Washington (CNN) - Sen. Jim DeMint, R-South Carolina, said Tuesday that he and several newly elected Tea Party-backed Republican senators will try to force GOP senators to give up earmarks altogether. The move is a direct challenge to Republican Leader Mitch McConnell and other senior GOP senators who support earmarking funds for home state projects.
A vote on the proposal is expected next Tuesday when the Senate Republican Conference meets in the Capitol to formally elect its leaders and adopt GOP rules for the upcoming session of Congress.
A DeMint aide predicted a victory, in part, because of the many new senators who fervently oppose earmarks. However, two GOP leadership aides said the outcome is still an open question, and that senators are actively discussing the proposal with each other.
"Americans want Congress to shut down the earmark favor factory, and next week I believe House and Senate Republicans will unite to stop pork barrel spending," DeMint said, referencing the earmark moratorium House Republicans have in place. "Instead of spending time chasing money for pet projects, lawmakers will be able to focus on balancing the budget, reforming the tax code and repealing the costly health care takeover."
DeMint said he has support for his proposal from Republican senators-elect Pat Toomey of Pennsylvania, Marco Rubio of Florida, Rand Paul of Kentucky, Mike Lee of Utah, Ron Johnson of Wisconsin, and Kelly Ayotte of New Hampshire. Veteran Republican senators Tom Coburn of Oklahoma, John Ensign of Nevada, Mike Enzi of Wyoming and John Cornyn of Texas also support it, DeMint said.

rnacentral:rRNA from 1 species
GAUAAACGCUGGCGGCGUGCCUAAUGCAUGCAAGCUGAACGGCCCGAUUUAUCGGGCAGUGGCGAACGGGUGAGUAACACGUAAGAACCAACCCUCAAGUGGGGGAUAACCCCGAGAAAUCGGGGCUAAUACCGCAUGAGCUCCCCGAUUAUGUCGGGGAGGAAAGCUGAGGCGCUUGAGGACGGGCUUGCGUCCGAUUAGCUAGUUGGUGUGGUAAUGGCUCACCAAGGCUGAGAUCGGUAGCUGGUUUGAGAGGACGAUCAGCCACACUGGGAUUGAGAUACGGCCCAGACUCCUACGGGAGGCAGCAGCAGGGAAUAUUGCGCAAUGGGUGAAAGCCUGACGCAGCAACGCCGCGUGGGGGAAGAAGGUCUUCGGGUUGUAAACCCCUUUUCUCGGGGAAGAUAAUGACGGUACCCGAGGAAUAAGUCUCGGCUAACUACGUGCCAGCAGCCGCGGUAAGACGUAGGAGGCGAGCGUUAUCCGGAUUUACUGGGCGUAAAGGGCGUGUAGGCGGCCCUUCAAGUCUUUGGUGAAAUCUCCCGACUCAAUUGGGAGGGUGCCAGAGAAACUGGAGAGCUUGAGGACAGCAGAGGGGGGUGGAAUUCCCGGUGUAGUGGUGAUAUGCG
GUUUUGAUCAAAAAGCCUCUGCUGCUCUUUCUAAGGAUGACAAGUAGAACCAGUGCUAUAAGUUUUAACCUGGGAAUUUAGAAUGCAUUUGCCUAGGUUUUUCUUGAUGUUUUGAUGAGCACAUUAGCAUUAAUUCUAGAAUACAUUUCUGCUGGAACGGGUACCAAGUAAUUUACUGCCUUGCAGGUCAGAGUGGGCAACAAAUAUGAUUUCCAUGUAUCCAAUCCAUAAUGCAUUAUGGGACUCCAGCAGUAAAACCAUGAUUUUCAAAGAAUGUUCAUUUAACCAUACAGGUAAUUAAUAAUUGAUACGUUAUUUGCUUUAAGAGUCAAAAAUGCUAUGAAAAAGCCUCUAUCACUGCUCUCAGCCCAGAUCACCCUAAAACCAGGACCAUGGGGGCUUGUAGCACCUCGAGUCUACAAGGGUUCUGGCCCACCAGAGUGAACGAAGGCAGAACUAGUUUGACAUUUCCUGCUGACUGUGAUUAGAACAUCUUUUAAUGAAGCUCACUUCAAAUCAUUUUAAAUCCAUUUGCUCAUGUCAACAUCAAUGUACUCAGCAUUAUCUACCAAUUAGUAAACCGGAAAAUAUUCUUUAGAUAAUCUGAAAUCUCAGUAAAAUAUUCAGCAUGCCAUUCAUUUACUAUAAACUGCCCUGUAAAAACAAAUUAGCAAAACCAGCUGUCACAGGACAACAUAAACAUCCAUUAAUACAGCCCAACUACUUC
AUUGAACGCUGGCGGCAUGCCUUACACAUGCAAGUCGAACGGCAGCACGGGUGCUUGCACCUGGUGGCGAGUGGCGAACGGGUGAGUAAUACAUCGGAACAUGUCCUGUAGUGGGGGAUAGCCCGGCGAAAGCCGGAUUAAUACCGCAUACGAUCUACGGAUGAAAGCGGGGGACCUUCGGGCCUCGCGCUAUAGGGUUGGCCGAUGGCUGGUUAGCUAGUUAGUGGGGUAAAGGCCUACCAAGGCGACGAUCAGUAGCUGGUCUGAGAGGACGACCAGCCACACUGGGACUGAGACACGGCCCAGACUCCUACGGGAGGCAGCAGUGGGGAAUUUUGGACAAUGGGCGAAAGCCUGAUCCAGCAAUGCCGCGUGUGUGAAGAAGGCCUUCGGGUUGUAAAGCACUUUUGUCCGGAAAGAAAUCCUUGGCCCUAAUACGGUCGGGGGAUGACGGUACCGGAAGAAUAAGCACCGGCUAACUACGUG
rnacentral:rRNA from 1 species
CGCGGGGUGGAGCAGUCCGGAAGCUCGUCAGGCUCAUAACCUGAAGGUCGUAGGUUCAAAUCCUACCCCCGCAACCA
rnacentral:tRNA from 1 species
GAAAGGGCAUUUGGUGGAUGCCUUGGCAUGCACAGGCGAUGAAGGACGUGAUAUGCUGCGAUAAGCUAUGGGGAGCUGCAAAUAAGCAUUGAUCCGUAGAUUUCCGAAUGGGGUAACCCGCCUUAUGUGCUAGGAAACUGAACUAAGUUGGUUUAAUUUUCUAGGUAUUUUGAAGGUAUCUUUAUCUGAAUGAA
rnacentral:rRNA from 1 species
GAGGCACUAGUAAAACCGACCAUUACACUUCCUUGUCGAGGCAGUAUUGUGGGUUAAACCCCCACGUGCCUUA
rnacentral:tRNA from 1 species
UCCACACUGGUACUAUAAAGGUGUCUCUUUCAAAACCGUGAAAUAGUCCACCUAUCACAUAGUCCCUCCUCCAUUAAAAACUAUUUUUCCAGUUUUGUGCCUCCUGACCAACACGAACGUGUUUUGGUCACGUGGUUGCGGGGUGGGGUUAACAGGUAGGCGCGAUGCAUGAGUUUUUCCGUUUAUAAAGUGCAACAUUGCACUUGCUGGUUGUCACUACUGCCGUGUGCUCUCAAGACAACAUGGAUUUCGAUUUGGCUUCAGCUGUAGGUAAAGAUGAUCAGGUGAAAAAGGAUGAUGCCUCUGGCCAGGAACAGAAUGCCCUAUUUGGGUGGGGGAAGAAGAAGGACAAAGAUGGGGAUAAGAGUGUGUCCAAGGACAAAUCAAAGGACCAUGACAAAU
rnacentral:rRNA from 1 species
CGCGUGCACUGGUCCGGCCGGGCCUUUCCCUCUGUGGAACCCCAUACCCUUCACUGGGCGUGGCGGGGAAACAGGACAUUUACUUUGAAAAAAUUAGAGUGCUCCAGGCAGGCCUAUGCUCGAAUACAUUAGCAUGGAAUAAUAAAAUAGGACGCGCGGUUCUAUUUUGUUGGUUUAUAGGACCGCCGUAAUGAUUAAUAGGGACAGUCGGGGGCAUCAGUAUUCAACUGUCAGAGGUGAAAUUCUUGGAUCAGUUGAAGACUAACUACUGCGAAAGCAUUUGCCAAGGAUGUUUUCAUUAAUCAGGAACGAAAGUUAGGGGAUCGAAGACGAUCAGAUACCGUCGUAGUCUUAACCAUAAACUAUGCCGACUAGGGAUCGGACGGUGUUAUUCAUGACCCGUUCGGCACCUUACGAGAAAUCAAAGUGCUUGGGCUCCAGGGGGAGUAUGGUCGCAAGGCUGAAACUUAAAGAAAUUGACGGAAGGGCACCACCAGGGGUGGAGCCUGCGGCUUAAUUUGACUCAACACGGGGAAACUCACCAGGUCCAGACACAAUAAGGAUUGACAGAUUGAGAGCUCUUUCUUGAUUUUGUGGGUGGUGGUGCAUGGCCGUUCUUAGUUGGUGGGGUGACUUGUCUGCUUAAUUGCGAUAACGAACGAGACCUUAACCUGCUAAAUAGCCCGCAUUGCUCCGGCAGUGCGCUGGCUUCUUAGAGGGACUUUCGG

It's notable that DeMint is highlighting Cornyn's support.
Cornyn headed the Senate Republican campaign effort, and many Republicans complained that DeMint's support of Tea Party candidates undermined Cornyn's efforts to win GOP control of the Senate.
In a press release, DeMint said he would support a separate GOP conference rule proposed by Cornyn that would make it the policy of Senate Republicans to support a balanced budget amendment.
McConnell said on Sunday that he would "be willing to consider" a full ban on earmarks during an interview on CBS "Face the Nation." But the Republican leader added, "this debate doesn't save any money, which is why it's, kind of exasperating to some of us who really want to cut spending and get the federal government's discretionary accounts under control."